Our walk that day took us as past British, German, and several other Western embassies, and showed where the energy of youth was now being spent – trying to get visas out. Whether to study, work or immigrate, young people had traded demonstrations and reform for computer skills and foreign language lessons. The government does its best to limit this flow and propagandize against it – even one of my in-flight movies the evening before had been about a group of young people abandoning their dreams of working abroad to live happily in Iran. But the number of young people waiting outside embassies, or coming up and talking to me as I toured the country, belied much success to these ‘stay home’ campaigns.
You could also see from walking around that, while certainly not the Third World, Tehran was far from rich. The sidewalks were cracked and uneven. The roads burst at the seams with cheap European and Korean cars. Pollution choked the air. Buildings, even the Foreign Ministry and other important government complexes, looked old and worn. The wan January sun, dim through the smog and grey skies, cast little warmth or cheer into the dark, busy city.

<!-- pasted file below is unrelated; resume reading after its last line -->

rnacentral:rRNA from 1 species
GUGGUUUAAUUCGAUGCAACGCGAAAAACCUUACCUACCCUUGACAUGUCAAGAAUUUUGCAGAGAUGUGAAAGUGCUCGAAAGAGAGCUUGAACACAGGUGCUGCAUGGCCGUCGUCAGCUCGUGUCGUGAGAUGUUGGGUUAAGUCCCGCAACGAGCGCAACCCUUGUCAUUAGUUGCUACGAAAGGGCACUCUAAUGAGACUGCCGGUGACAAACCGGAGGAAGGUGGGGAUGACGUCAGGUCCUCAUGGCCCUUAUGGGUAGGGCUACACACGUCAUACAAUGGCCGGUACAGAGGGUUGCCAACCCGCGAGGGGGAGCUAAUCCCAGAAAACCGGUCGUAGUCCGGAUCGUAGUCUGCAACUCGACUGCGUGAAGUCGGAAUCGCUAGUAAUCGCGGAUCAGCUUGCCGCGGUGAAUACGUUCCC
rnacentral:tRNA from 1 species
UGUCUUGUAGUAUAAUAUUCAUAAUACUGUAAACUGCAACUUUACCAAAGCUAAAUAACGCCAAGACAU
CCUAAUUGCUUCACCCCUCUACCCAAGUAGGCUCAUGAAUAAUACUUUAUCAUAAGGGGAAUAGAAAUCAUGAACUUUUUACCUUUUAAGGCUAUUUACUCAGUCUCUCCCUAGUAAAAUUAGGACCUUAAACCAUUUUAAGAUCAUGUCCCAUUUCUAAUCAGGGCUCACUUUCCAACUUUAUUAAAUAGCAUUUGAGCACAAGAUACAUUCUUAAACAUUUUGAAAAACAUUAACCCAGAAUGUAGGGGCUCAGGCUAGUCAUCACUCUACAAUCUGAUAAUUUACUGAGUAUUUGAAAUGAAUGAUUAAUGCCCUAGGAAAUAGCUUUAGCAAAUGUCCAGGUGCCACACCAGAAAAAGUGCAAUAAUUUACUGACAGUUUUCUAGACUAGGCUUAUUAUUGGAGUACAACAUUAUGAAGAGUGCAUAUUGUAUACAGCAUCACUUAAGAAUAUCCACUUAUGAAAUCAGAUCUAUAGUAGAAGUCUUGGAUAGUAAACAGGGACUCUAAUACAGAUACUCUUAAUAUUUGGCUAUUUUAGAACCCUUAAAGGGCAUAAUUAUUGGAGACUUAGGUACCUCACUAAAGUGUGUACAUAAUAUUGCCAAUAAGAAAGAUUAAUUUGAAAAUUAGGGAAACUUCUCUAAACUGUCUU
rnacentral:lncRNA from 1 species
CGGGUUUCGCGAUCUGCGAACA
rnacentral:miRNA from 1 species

The most difficult thing to get used to that first day was the sheer insignificance of the pedestrian. Perhaps the only thing held in lower regard was the traffic signal. Crossing the street, each and every single time, becomes a game of chicken. Taking the plunge off the curb you slowly shuffle your way forward, generally in a protective clot with other lowly walkers, as cars steer around you. Traffic lanes? Ha! Cars just merge and mesh their way into any free space.
Irritating at first, it only took a few streets to realize that what the system lacked in safety it more than made up for in convenience. Rather than waiting for a light to signal ok, you just crossed. Rather than looking for a marked area, you just crossed anywhere you felt the urge. Rather than getting bored with your walk you could enjoy the seemingly endless thrill and excitement of nearly getting run over. The only safety feature was the sheer mass of the unmoving traffic – it often felt more like walking through a parking lot than across a street.